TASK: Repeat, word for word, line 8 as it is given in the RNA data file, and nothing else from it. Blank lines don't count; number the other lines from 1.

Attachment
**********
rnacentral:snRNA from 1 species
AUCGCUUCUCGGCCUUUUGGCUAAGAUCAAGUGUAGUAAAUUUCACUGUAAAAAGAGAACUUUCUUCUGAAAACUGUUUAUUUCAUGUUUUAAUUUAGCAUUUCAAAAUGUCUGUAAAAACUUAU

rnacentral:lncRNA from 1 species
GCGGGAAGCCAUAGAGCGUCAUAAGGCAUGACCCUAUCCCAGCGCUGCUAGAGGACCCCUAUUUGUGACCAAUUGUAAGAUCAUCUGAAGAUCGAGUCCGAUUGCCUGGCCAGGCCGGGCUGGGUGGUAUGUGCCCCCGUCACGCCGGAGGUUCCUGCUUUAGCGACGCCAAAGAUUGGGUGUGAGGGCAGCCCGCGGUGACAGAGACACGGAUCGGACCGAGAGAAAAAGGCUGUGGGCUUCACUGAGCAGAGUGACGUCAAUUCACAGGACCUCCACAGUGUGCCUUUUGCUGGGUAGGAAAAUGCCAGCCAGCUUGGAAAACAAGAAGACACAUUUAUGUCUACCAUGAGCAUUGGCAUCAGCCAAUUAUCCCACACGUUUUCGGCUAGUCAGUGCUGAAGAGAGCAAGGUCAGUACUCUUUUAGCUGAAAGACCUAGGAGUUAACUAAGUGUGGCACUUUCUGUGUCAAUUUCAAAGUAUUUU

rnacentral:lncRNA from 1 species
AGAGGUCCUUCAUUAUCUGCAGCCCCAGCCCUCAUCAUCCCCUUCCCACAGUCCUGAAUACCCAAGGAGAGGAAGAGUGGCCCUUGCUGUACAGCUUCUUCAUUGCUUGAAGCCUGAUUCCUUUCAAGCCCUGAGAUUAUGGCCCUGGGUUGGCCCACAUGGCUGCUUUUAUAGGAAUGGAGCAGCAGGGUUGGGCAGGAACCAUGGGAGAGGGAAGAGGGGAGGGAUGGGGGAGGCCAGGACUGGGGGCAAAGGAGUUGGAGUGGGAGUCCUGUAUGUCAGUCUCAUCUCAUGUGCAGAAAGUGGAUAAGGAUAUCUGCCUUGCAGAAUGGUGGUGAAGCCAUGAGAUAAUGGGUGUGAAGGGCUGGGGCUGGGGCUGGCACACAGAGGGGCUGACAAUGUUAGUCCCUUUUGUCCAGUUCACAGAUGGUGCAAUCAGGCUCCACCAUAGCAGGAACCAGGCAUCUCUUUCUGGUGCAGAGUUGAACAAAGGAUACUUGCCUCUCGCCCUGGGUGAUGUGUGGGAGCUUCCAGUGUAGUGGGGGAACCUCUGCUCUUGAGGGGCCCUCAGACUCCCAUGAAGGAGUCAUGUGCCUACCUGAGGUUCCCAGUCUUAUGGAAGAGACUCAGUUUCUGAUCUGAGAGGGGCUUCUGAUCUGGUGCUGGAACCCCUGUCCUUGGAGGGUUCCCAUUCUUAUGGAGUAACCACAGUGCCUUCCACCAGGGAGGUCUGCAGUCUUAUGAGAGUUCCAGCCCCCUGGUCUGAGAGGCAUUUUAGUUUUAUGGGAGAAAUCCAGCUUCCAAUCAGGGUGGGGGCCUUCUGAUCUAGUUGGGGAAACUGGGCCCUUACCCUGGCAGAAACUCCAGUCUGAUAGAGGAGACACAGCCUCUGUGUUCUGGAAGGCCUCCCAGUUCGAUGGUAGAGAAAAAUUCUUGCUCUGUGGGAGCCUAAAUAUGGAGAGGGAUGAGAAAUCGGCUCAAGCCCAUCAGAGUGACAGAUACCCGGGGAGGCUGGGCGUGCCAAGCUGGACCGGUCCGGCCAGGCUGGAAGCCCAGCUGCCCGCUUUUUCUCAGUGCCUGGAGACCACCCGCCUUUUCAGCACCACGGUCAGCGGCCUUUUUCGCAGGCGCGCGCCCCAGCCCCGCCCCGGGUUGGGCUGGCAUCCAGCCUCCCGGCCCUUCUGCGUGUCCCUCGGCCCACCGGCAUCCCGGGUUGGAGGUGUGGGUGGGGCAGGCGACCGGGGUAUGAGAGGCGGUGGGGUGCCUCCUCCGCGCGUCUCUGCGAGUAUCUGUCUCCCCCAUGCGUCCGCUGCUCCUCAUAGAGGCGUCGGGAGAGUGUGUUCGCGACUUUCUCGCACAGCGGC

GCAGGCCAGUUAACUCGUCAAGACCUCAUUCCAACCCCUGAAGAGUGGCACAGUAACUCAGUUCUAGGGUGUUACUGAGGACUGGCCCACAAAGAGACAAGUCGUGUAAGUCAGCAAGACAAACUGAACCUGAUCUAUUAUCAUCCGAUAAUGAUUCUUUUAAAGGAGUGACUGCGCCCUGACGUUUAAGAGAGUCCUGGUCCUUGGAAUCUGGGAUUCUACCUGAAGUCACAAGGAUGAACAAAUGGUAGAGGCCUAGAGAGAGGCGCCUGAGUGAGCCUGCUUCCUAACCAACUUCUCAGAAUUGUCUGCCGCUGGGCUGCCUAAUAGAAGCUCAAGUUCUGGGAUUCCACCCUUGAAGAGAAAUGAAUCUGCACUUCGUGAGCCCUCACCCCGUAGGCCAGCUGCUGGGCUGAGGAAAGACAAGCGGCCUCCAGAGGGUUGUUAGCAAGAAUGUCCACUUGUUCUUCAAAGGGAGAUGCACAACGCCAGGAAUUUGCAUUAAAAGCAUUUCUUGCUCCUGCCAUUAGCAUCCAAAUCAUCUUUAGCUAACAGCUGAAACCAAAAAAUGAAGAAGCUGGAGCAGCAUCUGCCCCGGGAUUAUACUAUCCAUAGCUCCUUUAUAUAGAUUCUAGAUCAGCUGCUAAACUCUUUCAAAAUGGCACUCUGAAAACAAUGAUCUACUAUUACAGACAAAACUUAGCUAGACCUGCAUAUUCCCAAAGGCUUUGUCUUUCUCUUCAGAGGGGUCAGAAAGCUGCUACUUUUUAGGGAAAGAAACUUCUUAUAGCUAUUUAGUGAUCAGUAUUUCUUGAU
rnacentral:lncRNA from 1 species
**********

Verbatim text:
rnacentral:lncRNA from 1 species